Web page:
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Orders of Battle for Möckern (16th October 1813)

16 Apr
Orders of Battle for Möckern (16th October 1813)

After all those posts about my Möckern / Völkerschlacht von Leipzig project, I felt that now it is time to go into some detail. In the fall of 2010 the only thing I knew was that I wanted to start with some Prussian forces for the Völkerschlacht von Leipzig (Battle of Nations). The books I had read so far did not really give me an idea what would make a good wargame or not. So I approached Martin Kelly (http://befreiungskriege.wordpress.com/) about some suggestions. His first idea was Möckern (and reading up on it afterwards a good one, too). It is not an obscure part of the battle, but rather one that many historians say was decisive for the whole battle. It featured a nice mix of units for the Prussians and some interesting ones for the French. The battle for the village itself and adjacent fields had a small enough footprint, but can easily be expanded. And if you only start with the first two attack waves it means a manageable amount of minis.I decided to depict just the action inside the village and east of it and only the first two attacks, which took place between roughly 1300h and 1500h. If I should find the time to paint the minis from 2nd and 7th Brigade (1st Prussian Army Corps) in time for Crisis 2013 I might replay the whole battle, but I doubt I shall.

Prussian Infantry at Möckern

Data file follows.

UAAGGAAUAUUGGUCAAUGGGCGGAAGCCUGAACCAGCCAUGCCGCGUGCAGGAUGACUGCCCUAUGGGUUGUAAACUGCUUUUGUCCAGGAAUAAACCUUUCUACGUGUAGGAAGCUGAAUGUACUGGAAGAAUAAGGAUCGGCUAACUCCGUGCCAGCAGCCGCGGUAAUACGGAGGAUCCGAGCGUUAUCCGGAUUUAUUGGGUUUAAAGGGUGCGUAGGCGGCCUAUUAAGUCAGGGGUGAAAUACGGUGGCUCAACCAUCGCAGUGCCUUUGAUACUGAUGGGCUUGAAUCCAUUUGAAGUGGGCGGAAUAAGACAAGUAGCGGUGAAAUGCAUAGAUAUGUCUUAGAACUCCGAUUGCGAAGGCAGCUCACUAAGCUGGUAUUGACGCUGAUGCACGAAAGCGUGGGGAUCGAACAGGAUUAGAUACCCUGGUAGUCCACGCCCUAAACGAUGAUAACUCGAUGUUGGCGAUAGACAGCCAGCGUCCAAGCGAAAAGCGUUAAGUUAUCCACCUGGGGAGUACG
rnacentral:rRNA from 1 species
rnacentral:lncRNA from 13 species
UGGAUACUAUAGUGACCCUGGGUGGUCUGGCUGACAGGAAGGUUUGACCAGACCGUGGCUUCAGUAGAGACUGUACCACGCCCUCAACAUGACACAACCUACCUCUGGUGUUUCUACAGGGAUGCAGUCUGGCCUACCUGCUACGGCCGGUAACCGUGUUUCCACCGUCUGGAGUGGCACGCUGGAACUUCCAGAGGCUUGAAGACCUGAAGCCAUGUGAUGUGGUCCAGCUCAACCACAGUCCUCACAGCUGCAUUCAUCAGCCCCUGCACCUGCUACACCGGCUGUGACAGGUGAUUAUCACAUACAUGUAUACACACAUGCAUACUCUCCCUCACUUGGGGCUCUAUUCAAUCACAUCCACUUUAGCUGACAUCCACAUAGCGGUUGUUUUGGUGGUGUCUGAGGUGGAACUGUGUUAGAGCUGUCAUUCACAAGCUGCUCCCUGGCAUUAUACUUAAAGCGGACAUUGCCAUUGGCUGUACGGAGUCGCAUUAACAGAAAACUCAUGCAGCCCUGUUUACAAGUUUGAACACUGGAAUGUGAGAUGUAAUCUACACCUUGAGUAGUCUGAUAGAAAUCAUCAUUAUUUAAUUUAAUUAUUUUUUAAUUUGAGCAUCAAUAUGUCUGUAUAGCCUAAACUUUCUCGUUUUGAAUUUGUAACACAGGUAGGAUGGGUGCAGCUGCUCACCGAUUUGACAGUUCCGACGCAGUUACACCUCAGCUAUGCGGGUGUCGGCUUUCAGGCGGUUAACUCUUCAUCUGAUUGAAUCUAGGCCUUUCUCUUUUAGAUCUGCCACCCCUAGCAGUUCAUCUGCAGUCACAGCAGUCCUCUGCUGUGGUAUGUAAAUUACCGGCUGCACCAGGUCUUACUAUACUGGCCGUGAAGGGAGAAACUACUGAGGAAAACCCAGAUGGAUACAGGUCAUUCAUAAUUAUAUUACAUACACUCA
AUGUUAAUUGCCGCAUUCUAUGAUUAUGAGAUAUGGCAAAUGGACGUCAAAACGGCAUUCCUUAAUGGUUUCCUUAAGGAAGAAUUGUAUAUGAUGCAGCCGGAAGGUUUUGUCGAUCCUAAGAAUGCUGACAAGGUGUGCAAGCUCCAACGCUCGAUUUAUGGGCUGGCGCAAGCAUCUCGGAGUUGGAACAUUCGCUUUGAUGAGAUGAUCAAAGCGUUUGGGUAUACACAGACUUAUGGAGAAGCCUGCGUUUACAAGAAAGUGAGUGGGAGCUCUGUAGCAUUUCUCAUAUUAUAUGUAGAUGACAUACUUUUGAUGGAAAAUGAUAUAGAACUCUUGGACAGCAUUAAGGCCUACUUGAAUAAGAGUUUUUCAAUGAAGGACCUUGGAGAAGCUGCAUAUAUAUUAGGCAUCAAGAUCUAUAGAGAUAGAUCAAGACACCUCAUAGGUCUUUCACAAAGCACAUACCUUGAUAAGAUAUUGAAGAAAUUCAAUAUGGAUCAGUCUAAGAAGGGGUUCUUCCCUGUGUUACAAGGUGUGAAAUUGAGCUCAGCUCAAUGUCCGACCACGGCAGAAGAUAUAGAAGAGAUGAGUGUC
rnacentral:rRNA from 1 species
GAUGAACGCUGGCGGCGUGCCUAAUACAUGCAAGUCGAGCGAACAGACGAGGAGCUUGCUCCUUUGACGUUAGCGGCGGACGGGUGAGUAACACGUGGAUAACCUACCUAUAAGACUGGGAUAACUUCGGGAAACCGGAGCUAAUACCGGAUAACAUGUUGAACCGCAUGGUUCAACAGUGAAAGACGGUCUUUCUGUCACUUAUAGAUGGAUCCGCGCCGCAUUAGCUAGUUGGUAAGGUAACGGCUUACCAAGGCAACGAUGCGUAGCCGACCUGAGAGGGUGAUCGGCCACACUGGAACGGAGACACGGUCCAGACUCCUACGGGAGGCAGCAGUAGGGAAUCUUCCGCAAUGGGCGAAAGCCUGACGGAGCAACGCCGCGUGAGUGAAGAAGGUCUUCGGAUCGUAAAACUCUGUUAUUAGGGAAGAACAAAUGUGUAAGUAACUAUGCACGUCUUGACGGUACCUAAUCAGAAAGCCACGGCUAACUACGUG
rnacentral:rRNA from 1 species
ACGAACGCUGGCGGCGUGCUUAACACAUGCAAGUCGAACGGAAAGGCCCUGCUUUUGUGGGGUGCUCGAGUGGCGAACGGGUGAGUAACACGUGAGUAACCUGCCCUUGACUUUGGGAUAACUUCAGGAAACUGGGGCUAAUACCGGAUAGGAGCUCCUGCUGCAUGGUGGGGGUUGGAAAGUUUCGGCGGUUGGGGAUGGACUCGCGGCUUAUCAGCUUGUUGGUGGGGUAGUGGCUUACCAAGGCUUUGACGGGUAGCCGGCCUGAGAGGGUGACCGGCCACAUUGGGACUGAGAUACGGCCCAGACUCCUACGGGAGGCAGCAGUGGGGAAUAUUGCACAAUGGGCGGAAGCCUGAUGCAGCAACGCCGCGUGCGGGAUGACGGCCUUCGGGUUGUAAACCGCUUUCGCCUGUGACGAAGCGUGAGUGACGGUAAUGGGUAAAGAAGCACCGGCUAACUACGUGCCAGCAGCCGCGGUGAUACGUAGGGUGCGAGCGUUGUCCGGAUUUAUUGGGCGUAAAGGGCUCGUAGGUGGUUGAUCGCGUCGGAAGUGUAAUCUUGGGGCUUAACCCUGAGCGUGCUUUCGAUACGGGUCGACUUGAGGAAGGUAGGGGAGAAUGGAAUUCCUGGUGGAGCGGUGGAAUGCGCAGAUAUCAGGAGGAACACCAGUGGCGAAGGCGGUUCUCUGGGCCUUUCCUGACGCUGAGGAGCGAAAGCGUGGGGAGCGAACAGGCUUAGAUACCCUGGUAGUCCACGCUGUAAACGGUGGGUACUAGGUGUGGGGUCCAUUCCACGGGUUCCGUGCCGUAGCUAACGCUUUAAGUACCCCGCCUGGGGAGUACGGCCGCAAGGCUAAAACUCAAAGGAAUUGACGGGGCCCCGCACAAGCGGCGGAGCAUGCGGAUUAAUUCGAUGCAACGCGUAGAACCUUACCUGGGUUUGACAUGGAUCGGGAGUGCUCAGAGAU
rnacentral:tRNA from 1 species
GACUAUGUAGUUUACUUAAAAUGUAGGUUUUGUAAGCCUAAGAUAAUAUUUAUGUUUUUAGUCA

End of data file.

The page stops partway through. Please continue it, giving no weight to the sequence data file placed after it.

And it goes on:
Prussian Infantry at Möckern

Finding the basic numbers and units involved was easy enough, especially with the Nafziger Collection (Nafziger Collection at the United States Command and General Staff College) being public domain these days. What proved much more difficult is finding out the command structure of the Prussian units involved. The Prussians practiced something that would be the hallmark of any German army till the present day… the ability to form battle groups as need be, which would be led by the most capable officer for the job regardless of rank. In this sense a unit commander would at times command the whole brigade while the commanding officer on paper would command units outside his command or just part of his command. In this case it was aggravated by the fact, that the units involved came from von Yorcks Advanced Guard, which was a huge body of troops (ten infantry units, five cavalry units and two artillery batteries) nominally under the command of a Oberst (Colonel). This confusion only improved a couple of weeks ago when I got into contact with Wolfgang Meyer, who is doing research on the very same part of the battle as part of the Croebern Project (www.croebern-1813.de / this is one massive diorama of the Battle of Nations that you really must check out if you have not already seen it!!!). He was able to provide me with the after action reports of the units involved. Reading those gave me a clear idea how units were subdivided and who commanded what.